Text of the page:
The Nightmare Before Christmas Review and Blu-ray Features
The Nightmare Before Christmas
29 Oct 1993
Behind the Scene and other Major Plot Points
On not doing a Sequel
In 2001, Walt Disney Pictures began to consider producing a sequel, but rather than using stop motion, Disney wanted to use computer animation. Tim Burton convinced Disney to drop the idea. “I was always very protective of [Nightmare] not to do sequels or things of that kind,” Burton explained. “You know, ‘Jack visits Thanksgiving world’ or other kinds of things just because I felt the movie had a purity to it and the people that like it,” Burton said.
Inspiration for original Poem
Tim Burton has said the original poem was inspired after seeing Halloween merchandise display in a store being taken down and replaced by a Christmas display. The juxtaposition of ghouls and goblins with Santa and his reindeer sparked his imagination.
Tim Burton’s The Nightmare Before Chirstmas
There is something of a controversy over exactly who has the rights to call the story and film their own, Henry Selick is the director and spent more time on the set and production than Tim Burton, however Burton has often claimed he is the owner of the story as it was all his idea, he wrote the original poem and most of the script, created the characters, served as a producer, and even wanted to direct but was simply too busy at the time to do so. However popular culture has long accepted the film as Burton’s as the film heading is “Tim Burton’s The Nightmare Before Christmas”.
The Most Difficult shot to shoot in the film
It is stated in “The Making of…” book that the most difficult shot to film in the entire movie is the shot in which Jack is reaching for the doorknob to Christmasland. Viewers can see the perfect surround reflection of the forest around Jack in the background.
Two items were invented for this film
Two items were invented to facilitate the filming of the movie: One was a “light alarm” which would warn the animators if any of the stage lights failed to come on. The other was a system that enabled a puppeteer to seamlessly switch to a replacement puppet if a puppet broke during a shot. Prior to this, either situation, a light failing to come on or a puppet breaking would destroy a shot.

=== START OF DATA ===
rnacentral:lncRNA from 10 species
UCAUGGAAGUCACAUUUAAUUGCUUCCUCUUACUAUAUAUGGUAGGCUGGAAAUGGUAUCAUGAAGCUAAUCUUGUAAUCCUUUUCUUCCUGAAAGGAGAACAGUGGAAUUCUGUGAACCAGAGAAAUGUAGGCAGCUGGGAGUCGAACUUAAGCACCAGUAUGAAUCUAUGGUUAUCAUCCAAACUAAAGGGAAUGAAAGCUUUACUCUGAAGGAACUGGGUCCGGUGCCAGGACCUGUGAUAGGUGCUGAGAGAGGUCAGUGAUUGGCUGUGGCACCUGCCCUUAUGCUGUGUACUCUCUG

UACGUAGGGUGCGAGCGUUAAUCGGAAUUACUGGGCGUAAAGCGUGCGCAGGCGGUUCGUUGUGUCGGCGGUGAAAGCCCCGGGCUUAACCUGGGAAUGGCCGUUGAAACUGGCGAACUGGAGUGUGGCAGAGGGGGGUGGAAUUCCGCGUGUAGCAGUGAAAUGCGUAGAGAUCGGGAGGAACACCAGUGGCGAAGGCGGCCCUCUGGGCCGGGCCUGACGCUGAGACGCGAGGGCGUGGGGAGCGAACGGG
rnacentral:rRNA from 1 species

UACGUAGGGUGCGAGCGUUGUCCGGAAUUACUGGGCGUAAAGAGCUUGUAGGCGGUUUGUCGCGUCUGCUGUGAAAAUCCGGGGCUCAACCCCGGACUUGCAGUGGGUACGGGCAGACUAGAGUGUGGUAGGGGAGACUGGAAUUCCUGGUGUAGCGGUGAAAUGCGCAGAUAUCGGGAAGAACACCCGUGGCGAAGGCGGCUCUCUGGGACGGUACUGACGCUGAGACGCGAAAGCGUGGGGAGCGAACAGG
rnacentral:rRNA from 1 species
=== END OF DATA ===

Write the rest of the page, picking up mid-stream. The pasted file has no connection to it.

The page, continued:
Released not under Walt Disney Banner
The teaser trailer tells us that the film was originally intended to be released under the Walt Disney Pictures banner, playing the movie heavily as the next generation of filmmaking following in the proud tradition of Walt Disney. By the time the theatrical trailer was released, the release label had changed to Touchstone Pictures, an alternate designation of the Walt Disney Studios. Michael Eisner, the then CEO and Chairman of The Walt Disney Company, found the film to be ‘too dark for kids’ and had it moved to their Touchstone Picture banner. In October 2006, the film was re-released in 3-D under the Walt Disney Pictures banner.
Calculation on Jack’s Blackboard
A crossed-out calculation on Jack’s blackboard seems to equate 3 times the square of pi multiplied by 12 to Christmas Day (a Santa hat). The true numerical answer is approximately 355.31. If the decimal portion is dropped, this then equates to December 21st, the 355th day of the year–hence the crossed-out equation. December 21st however is the first day of winter in the northern hemisphere (winter solstice). It is also the birthday of Jeffrey Katzenberg, the film’s executive producer and most often credited for turning Walt Disney Studios and its animation division around after joining in 1984.
RT/Meta Critic Review
Visually a macabre knockout, this 75-minute fantasy boasts some of the wittiest, most vigorous stop-motion animation effects in the history of the process. (Click here to see)